Samuel I 15:2-34
Parashat Zakhor is read on the Shabbat before Purim every year. It includes a verse commanding us not to forget Amalek, the tribe who attacked the Israelites just after they came out of Egypt. In addition to its regular place in the Torah, in Parashat Ki Tetze, Parashat Zakhor is read on the Shabbat before Purim because the villain of the Purim story, Haman, is said to be a descendent of Amalek. Hearing Parashat Zakhor in synagogue is considered the fulfillment of the mitzvah not to forget Amalek.
The haftarah for Parashat Zakhor tells of the efforts of Israel to defeat Amalek once and for all. God commands Saul, the first king of Israel: "I remember what Amalek did to Israel, attacking them on their way, as they left Egypt. Go, now, and attack Amalek" (15:2-3).
Saul does as God commands. At the city of Amalek, he finds a tribe of Kenites living among them. Since the Kenites had been occasional allies of the Israelites, as well as the tribe that Jethro and Yael both came from, Saul warns them to move out of the Amalekite city, lest they be destroyed together with the people of Amalek. The Kenites comply, and Saul rages a furious war on Amalek, "taking Agag king of Amalek alive while putting all the rest of the people to the sword" (15:9). Along with Agag, Saul and his army take Amalek’s animals and their valuables.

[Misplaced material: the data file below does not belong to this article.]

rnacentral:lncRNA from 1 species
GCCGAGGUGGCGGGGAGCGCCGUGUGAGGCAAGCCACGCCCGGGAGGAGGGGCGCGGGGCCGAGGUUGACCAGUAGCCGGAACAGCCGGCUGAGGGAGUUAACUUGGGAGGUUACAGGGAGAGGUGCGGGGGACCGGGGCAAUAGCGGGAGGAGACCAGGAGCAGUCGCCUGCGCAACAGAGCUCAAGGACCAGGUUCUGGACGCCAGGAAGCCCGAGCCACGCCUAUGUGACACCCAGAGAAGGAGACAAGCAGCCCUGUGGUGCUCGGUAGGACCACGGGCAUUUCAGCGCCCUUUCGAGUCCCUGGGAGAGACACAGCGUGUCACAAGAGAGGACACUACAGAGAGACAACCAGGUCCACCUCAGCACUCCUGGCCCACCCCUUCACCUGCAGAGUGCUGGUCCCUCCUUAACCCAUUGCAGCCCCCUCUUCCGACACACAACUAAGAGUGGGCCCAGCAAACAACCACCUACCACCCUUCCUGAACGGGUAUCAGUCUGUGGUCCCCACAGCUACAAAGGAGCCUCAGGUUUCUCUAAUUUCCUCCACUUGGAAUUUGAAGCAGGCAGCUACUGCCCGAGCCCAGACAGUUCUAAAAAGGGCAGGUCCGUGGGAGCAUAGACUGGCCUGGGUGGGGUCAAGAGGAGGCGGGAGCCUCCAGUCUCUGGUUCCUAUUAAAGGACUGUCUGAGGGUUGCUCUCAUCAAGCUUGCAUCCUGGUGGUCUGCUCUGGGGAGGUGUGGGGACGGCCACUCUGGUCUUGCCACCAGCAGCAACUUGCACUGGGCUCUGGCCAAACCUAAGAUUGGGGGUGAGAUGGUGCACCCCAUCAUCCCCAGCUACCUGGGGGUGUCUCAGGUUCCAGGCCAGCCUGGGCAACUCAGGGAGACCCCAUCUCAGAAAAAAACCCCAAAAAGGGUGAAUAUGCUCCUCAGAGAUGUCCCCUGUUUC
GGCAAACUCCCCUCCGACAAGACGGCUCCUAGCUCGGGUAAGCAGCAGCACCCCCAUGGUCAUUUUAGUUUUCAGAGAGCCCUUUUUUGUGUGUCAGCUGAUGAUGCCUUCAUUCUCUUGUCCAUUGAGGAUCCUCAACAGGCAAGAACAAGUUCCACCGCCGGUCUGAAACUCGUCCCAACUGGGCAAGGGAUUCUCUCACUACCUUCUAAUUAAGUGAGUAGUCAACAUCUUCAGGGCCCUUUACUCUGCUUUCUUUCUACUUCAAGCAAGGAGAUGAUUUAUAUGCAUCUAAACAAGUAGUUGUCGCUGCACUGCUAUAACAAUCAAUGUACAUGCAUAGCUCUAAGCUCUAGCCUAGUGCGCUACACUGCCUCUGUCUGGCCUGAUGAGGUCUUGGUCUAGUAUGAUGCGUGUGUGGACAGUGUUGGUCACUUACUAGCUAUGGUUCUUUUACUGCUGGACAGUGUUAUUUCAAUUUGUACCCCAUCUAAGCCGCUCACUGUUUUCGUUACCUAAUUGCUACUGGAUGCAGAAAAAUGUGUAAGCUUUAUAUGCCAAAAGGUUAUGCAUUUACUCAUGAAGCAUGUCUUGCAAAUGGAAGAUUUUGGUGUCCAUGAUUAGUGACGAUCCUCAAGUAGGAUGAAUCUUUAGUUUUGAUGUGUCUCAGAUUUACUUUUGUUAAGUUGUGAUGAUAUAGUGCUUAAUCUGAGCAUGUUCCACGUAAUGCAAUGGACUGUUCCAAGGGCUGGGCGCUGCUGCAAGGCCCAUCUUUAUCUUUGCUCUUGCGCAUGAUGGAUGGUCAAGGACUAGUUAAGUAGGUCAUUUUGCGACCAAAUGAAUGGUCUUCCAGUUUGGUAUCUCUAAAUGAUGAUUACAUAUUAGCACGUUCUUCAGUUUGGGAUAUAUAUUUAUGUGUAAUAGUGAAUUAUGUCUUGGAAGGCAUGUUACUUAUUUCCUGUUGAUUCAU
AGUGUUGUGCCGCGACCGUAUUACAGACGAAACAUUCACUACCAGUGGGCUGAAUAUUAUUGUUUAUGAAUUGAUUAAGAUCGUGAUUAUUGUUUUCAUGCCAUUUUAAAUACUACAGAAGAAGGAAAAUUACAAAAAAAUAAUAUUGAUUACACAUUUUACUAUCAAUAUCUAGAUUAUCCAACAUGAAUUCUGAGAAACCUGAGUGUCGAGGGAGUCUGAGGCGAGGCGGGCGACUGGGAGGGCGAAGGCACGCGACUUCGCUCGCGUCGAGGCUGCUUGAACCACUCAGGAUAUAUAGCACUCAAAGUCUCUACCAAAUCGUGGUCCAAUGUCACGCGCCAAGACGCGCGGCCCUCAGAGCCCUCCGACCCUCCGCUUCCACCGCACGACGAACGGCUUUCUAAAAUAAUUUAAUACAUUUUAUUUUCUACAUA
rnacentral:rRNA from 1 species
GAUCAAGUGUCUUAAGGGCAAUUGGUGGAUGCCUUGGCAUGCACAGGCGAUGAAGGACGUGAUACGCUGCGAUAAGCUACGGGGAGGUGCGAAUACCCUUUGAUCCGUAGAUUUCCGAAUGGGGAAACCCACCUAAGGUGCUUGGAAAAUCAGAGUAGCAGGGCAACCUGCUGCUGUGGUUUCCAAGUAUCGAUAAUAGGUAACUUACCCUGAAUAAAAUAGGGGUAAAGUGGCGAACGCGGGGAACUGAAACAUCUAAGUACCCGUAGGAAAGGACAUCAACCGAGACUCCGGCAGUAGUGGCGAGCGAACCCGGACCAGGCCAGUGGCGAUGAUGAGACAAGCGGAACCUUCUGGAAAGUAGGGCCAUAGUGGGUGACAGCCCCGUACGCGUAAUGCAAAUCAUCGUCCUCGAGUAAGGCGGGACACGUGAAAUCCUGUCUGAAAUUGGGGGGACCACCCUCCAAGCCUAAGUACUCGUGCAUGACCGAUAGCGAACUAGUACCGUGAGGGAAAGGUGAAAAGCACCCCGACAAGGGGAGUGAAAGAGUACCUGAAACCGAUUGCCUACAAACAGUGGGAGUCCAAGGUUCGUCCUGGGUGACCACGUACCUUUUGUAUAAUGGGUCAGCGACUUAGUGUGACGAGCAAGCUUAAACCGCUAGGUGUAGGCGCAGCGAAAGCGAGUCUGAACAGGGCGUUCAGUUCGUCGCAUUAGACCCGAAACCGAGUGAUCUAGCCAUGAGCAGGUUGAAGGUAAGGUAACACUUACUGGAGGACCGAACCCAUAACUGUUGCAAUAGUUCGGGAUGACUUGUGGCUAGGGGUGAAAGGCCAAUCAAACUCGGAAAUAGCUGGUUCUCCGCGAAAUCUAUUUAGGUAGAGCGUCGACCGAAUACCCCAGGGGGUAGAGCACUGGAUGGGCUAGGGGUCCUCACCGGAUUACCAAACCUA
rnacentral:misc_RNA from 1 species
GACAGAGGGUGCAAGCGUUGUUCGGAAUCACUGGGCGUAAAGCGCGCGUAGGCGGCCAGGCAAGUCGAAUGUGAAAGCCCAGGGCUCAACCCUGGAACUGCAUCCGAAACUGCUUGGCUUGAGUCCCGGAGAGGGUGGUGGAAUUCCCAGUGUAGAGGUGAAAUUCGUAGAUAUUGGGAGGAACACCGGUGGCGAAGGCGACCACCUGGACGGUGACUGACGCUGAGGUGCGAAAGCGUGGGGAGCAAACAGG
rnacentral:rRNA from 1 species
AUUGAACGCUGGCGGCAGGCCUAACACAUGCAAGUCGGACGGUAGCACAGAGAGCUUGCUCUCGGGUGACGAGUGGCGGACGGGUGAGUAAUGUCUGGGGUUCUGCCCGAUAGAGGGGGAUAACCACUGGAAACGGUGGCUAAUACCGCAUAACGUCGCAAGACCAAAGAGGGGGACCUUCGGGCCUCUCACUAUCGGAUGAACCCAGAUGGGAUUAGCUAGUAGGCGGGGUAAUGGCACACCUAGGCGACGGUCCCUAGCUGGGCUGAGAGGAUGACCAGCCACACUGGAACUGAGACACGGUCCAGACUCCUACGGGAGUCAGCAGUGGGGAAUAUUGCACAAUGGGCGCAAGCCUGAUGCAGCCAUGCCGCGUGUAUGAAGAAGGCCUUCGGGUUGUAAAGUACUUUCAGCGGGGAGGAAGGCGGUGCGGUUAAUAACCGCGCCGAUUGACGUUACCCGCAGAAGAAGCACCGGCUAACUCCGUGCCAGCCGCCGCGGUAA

But God is displeased that Saul did not kill Agag and destroy everything belonging to Amalek. "I regret that I made Saul king of Israel," God mourns (15:11), and though Saul repents, he still does not kill Agag and the Amalekite animals . The prophet Samuel comes to visit, and when Saul claims to have carried out the Lord’s command, the prophet challenges him: "How is it, then, that I hear sheep bleating and oxen bellowing?" (15:14).
Saul excuses his reticence by explaining that they were being saved as a sacrifice to God.
"You may be small in your own eyes," Samuel tells Saul, "but you are the head of the tribes of Israel; the Eternal anointed you king" (15:17). Samuel goes on to castigate Saul, telling him that although he repented, he still rejected the word of God; and that, therefore, God has rejected him as king of Israel. What’s more, God has "given it [the kingship] to your neighbor, to one better than you" (15:28). Saul, though disgraced, asks Samuel’s permission to pray to God with him–and the prophet agrees.
Following their prayers, Samuel demands that Agag, the king of Amalek, be brought before him. Samuel takes a sword and chops Agag to pieces. Samuel then leaves Saul, and withdraws to his home in Ramah.
Pronounced: MITZ-vuh or meetz-VAH, Origin: Hebrew, commandment, also used to mean good deed.
Pronounced: PUR-im, the Feast of Lots, Origin: Hebrew, a joyous holiday that recounts the saving of the Jews from a threatened massacre during the Persian period.
Pronounced: shuh-BAHT or shah-BAHT, Origin: Hebrew, the Sabbath, from sundown Friday to sundown Saturday.